What do you know about Posttraumatic Stress Disorder Triggers? Let’s start with what a trigger is. A trigger is an event, object, or cue that elicits feelings of anxiety, fear, anger, or other types of distress. Triggers are often harmless, but have become associated with the original trauma.
For most people with PTSD, triggers are not inherently dangerous, but remind them of their traumatic experiences. The amygdala (old brain) recognizes the similarity and not realizing that the danger is over produces a surge of anxiety which activates the fight or flight response.
Certain sights, sounds, smells, physical sensations, places, activities, and situations can be triggers for people with PTSD and can produce a surge of anxiety and a strong urge to escape or avoid.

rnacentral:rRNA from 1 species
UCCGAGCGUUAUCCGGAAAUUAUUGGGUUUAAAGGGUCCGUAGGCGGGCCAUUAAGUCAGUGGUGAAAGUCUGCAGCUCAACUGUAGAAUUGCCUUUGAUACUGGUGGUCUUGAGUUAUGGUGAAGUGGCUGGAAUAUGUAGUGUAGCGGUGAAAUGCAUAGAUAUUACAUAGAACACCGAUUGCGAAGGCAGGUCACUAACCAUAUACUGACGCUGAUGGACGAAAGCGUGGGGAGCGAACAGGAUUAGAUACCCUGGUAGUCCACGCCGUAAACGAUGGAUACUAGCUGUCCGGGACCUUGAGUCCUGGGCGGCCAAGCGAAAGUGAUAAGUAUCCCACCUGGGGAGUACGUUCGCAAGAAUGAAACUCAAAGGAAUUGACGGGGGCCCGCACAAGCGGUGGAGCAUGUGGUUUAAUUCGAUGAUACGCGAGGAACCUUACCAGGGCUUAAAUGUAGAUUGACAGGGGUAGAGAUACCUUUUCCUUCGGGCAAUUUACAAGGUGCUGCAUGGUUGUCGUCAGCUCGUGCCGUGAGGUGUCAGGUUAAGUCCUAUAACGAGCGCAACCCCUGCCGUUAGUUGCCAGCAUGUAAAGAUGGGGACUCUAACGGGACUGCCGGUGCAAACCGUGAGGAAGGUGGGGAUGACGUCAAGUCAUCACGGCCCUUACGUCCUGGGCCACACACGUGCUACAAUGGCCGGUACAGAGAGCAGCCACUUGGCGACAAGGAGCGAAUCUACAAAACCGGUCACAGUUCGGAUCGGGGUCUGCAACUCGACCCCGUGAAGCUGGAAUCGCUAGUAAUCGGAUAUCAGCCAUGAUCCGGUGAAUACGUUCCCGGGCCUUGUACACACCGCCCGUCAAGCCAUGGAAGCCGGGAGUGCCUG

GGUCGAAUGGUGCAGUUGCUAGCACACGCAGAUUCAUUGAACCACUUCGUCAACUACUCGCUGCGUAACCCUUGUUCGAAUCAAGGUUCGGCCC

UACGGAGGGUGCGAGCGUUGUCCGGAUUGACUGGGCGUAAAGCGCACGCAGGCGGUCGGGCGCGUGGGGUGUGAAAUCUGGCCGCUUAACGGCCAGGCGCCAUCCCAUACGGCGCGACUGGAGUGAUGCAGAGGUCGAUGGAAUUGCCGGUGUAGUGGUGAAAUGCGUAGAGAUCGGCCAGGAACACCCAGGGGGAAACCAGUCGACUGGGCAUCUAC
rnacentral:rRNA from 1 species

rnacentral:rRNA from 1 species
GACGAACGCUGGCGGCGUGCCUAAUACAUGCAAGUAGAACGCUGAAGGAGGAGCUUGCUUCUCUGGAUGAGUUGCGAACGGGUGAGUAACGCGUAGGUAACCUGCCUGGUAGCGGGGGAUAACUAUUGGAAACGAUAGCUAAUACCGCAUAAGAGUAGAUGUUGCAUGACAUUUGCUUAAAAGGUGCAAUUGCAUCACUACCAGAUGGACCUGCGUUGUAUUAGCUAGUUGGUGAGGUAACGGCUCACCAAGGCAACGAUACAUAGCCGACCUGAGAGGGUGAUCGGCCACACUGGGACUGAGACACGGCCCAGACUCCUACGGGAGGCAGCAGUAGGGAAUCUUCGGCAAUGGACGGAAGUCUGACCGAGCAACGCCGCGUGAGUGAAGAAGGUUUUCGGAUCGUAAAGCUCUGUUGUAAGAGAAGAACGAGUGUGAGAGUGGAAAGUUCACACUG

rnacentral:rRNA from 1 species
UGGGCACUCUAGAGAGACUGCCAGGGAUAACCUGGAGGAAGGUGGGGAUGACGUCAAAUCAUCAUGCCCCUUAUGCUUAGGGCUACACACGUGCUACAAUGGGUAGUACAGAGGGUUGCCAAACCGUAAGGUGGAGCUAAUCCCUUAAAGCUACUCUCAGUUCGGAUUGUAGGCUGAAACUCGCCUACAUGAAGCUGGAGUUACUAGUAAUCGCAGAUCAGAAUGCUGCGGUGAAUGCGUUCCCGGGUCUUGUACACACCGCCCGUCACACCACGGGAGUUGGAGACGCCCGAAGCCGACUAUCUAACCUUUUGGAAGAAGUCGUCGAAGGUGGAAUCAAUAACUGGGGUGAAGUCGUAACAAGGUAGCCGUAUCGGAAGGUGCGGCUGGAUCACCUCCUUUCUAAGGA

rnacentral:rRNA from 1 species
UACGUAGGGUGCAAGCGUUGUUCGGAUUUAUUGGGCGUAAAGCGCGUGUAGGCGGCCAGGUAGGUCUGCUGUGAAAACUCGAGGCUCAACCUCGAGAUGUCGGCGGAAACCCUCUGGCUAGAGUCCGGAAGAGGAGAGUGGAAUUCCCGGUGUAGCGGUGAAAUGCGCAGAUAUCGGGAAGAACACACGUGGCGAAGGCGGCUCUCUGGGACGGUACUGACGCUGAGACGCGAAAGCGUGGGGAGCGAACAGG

Learning to recognize your triggers is an important part of PTSD treatment. Below is a list that will help you start monitoring your triggers this week.
Triggers for veterans
Common examples of triggers for veterans with PTSD include:
- Unexpected loud noises
- Crowded public places
- People from other ethnic groups
- Trash/objects in the road
- Smell of diesel fuel
- Helicopters flying overhead
- Lack of respect
Try to notice what triggers feelings of fear, threat, anger, or general discomfort in you this week. Some things will be obvious (e.g., listening to the evening news), but other things may be more subtle (e.g., the smell of certain spices or a blast of heat from the oven when you open the door).